David Exwood is happy with his crop of oats. Like other cereals, they’ve benefitted from rain in the earlier part of the year and then the heatwave ripened the crop and dried it out before harvesting.
But it’s still an anxious time. Not just because combining his crop on flinty soil brings the risk of sparks and fire.
He also rears beef and right now, with no green grass for them to eat, he’s having to feed them what he’s stored for winter.
Impacts like that can trickle down on food prices. And it’s not just livestock. Other crops, like potatoes, carrots, onions and sugar beet are thirsty and sensitive to drought.
Yields of these are forecast to be 10 to 50% lower than in a typical year.
It’s not yet clear if this year’s harvest will translate into higher food prices – that largely depends on how wet the winter is. But it’s a major worry with high inflation and a looming cost of living crisis.
Mr Exwood, who is also vice-president of the National Farmers Union, argues the challenge of water scarcity is not a new one.
But successive governments have failed to bring in measures to encourage farmers to store more water on farms and coordinate response better between his sector, water companies and the Environment Agency.
“We have enough water in this country,” says Mr Exwood. “We just need investment in the infrastructure to have it in the right place and the right time.”
One tension that emerges every time there is drought are the restrictions placed on farmers by the Environment Agency to protect river and wetland habitats during drought.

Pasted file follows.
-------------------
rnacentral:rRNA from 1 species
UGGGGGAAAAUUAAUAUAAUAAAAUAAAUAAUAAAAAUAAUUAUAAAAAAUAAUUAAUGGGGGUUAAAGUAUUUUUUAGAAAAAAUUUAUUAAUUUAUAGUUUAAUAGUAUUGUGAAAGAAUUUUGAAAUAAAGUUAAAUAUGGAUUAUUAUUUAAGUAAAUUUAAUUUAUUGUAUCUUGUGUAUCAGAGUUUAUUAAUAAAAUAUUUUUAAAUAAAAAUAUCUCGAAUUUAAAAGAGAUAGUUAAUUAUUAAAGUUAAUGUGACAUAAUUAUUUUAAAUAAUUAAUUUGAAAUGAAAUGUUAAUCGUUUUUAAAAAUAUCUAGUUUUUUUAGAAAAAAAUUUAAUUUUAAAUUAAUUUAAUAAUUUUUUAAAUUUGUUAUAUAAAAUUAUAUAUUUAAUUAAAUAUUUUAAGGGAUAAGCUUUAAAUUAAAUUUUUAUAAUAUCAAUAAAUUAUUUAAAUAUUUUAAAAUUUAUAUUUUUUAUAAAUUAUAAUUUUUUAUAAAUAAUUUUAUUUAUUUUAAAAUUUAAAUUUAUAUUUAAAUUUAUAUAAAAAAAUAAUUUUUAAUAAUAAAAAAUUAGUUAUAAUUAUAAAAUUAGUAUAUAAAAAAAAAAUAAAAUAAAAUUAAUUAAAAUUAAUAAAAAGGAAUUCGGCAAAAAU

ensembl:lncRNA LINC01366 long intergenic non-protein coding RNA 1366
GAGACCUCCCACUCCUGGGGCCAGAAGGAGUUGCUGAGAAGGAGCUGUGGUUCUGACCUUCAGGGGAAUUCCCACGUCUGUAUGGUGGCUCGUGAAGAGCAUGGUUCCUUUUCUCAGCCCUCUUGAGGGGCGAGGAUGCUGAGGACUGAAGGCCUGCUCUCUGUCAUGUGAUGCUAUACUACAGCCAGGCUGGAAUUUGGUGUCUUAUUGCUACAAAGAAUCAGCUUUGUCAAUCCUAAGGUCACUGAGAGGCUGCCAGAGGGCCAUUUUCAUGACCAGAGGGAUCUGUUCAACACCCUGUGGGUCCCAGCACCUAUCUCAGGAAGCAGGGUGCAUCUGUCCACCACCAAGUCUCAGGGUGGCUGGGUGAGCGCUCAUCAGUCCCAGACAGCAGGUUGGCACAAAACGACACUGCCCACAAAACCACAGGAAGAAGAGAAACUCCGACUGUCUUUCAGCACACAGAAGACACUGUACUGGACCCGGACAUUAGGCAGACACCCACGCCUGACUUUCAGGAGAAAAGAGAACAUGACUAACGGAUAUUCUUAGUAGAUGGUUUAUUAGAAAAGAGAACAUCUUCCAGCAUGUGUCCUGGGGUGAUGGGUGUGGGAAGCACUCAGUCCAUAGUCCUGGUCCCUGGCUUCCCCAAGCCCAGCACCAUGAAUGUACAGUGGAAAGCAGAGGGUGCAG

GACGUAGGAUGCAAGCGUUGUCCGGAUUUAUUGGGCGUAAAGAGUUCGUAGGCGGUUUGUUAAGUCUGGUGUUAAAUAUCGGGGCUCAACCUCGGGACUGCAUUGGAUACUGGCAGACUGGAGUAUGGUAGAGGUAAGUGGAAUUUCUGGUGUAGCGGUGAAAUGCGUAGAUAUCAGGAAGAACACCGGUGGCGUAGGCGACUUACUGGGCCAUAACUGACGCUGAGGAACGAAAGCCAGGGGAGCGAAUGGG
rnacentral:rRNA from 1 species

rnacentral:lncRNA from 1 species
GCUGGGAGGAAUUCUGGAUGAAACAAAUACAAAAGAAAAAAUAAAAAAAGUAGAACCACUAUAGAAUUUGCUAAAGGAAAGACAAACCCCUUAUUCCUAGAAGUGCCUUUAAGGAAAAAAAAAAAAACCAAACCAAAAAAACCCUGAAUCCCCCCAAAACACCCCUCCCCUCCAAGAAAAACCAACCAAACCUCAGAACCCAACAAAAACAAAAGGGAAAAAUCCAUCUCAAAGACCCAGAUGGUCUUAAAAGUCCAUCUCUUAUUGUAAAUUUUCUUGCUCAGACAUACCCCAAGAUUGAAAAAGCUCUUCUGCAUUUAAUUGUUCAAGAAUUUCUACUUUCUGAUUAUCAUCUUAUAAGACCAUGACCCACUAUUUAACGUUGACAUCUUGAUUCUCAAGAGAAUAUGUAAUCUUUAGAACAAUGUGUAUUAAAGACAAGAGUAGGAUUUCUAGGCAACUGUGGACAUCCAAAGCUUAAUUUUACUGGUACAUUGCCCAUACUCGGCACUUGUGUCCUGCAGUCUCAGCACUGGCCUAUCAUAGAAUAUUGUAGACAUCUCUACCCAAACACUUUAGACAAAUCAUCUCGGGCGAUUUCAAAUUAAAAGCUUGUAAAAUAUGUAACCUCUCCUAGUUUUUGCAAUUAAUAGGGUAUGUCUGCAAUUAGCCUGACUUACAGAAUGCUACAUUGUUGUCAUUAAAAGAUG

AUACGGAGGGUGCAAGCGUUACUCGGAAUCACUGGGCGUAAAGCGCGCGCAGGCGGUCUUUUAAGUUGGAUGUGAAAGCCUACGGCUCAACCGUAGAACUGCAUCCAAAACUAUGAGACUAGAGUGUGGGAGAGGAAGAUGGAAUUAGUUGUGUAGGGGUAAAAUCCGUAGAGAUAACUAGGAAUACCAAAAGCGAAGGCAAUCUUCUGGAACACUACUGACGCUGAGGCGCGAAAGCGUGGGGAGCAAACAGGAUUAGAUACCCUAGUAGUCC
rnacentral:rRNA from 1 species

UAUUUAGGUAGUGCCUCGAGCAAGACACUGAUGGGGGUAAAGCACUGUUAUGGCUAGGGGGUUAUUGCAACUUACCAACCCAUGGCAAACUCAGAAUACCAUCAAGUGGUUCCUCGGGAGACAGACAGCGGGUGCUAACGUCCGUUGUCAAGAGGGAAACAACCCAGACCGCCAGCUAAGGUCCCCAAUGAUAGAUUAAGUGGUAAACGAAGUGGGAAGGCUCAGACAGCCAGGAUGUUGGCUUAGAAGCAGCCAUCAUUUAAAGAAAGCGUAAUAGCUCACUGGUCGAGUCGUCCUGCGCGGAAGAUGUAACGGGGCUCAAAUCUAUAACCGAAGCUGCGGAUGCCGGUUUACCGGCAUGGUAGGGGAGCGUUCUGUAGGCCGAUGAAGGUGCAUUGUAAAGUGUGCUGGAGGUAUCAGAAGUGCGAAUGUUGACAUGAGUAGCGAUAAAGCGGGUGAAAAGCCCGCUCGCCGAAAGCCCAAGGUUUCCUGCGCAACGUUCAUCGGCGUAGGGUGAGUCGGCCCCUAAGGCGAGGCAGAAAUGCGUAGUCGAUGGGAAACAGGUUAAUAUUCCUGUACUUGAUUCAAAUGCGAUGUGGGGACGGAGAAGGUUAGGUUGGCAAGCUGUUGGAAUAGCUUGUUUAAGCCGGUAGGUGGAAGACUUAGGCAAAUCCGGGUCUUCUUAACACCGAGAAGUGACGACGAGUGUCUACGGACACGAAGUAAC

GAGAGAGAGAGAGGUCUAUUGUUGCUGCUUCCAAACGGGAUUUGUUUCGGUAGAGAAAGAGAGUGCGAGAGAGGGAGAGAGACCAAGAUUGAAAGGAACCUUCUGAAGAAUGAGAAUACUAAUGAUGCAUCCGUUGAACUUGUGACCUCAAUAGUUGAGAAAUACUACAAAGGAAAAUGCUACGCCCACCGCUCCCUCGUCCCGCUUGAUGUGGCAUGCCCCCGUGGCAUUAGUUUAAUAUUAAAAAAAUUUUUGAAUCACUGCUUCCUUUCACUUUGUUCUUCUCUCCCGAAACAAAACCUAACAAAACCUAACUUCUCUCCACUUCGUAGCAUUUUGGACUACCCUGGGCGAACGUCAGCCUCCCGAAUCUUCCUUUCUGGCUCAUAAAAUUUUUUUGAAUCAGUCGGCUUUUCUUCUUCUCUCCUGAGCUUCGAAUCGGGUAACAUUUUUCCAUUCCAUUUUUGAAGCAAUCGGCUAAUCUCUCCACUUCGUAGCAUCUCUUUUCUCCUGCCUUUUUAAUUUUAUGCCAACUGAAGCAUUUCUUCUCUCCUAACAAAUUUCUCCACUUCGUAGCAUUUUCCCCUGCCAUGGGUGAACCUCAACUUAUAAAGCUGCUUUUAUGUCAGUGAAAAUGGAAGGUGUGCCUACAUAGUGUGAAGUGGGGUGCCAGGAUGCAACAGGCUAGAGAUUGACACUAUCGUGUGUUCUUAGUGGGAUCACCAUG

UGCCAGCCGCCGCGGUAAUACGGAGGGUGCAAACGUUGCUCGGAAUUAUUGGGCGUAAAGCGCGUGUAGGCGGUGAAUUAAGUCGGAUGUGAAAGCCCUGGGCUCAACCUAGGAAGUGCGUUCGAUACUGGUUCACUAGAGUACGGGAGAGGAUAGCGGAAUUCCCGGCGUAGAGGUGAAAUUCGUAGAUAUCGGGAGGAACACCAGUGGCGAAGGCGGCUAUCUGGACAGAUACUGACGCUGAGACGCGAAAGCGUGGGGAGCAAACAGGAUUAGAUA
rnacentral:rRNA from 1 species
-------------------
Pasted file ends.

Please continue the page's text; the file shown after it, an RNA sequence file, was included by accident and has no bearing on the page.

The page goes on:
You can see their frustration some rivers, especially chalk streams fed by aquifers, still have plenty of water in them.
However, these are some of the most sensitive to damage from low water levels, which concentrates pollution and leads to rises in temperature, both of which can be fatal to aquatic life.
Conservationists say earlier action to reduce everyone’s consumption when the weather is dry would be an easy first step. But the only long-term solution, they say, is to restore more wetland habitats, whether that’s peat bogs, marshes and reedbeds or floodplains.
“Around 90% of those have disappeared in the last 100 years,” says Ali Morse, water policy manager for the Wildlife Trusts.
“We need to make space for that water, we’re going to see increasing conditions like this and we’re going to see crops failing if we don’t take this kind of action.”
The message isn’t a new one – but never seems to trickle down to action on farms, or the surrounding countryside. Restoring wetland to reduce flooding and improve drought resilience is already part of the government’s landmark Environment Act.
But it’s already been criticised for being thin on detail and lacking clear policy targets for seeing changes through.